being there

1. I want to be present. Here, not always over there, or in my phone somewhere, or on my way somewhere else.

This is the quality about Grace that I am appreciating most as I reflect on all that she taught me.

Grace was present with her ideas and her conversations, regardless of the age, history or politic of the person she was speaking to. She stayed with an idea, turning it around in the light. She brought each visitor into the question she was present with. When she could no longer be present she would end the conversation.

I’ve mastered the art of sort of being present. I love the idea of being present, but I’m often out ahead of myself making plans, or lagging behind myself replaying the past. I document the present well, but sometimes I feel about that distance from it, watching my life through a lens, filtering.

So I’m actively trying to get present. And the thing is, I feel so much when I’m present.

Sometimes it feels like too much.

I’m learning that I got good at numbing and leaving and dreaming and remembering because sometimes the present is so emotionally overwhelming – joyous or painful – that I don’t believe I can be in it.

But I am meditating and reflecting and journaling and declaring that I want to be here. Not perpetually there, in some elsewhere. I don’t want to look back and find I spent my life being ‘there’.

2. Being there for people through life’s changes is an art form. I have experienced some of the best presence and love from the most unexpected places this year. And learned that some people have tons of other skills but really don’t know how to be there when it’s hard. They say the wrong thing, or direct attention away from the hard thing in a way that feels cowardly, or disappear until the hard time is ‘over’.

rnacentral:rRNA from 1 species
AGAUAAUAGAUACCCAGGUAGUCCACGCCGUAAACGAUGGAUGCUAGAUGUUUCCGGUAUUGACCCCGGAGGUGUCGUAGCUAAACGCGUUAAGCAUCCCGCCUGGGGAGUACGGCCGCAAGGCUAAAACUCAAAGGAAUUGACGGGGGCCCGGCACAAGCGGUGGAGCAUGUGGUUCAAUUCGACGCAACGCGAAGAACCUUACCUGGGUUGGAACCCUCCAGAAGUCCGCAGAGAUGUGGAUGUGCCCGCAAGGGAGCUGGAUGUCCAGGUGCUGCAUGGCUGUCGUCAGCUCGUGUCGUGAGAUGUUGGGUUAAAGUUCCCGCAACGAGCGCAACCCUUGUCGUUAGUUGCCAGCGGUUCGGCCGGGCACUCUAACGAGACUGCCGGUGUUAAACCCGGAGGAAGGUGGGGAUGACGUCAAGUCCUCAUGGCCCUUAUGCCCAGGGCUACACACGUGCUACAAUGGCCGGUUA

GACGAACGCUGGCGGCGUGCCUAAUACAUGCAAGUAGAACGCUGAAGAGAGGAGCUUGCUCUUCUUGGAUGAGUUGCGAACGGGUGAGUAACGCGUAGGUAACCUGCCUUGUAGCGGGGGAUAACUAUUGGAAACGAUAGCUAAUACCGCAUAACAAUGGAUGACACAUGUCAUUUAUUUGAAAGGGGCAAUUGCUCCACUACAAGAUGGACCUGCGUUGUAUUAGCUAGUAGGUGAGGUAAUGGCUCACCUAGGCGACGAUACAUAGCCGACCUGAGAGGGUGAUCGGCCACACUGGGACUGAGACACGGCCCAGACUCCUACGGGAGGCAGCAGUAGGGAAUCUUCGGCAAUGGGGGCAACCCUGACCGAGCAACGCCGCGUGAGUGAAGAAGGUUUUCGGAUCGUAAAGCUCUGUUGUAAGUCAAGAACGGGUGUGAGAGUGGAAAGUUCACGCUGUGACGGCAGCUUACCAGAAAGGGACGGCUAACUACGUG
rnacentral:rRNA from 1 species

I’m longing to develop the skills of being there for people in a way that feels comforting and appropriate and good when things are falling apart, or simply changing rapidly. It’s both tangible (the voice that says ‘I’m right there with you’ when giving you tragic news, the check in text that requires no action, the friend who shows up with bad movies and ice cream when the tears are gone and only the emptiness remains) and intangible (the person who gives you quiet without saying they are doing so, the prayers and love extended through space and time). I don’t think the changes are going to stop, I want to be able to feel excited about change, to pivot to an opportunity outlook quickly, to trust the changes.

But it’s all aspirational right now. Right now I’m just trying to avoid my most familiar grief homies (chocolate, pizza, whiskey, harmful connections, cigarettes…I’m three weeks smoke free after a year of grief smoking!) and in that, notice that there is a way I’m learning to be there for myself, instead of substituting my own presence with food, drink, drug or distraction.

I fly all the time, I know the ritual with oxygen masks. Put mine on, then help the child sitting next to me (is it always a child next to us, asking us to do the right next thing?)…but in life it can be so easy to attend to the crises of others first. I’m grieving a few people who I believe gave more than they had, putting others first until they literally slipped away from themselves.

With each day I believe more and more in that self sustenance, that greedy inhale that guarantees the next moment will be one in which I can choose to give, simply because I’m still here.

I want to really be there for myself, and then expand into my ability to be there for the people I love. ‘The only lasting truth is change’, so how do I change with my whole complex centered loving self? This question I ask of my self and my species – how do we stay whole and change?

Only, I think, by being present. So…return to point 1, rinse, repeat.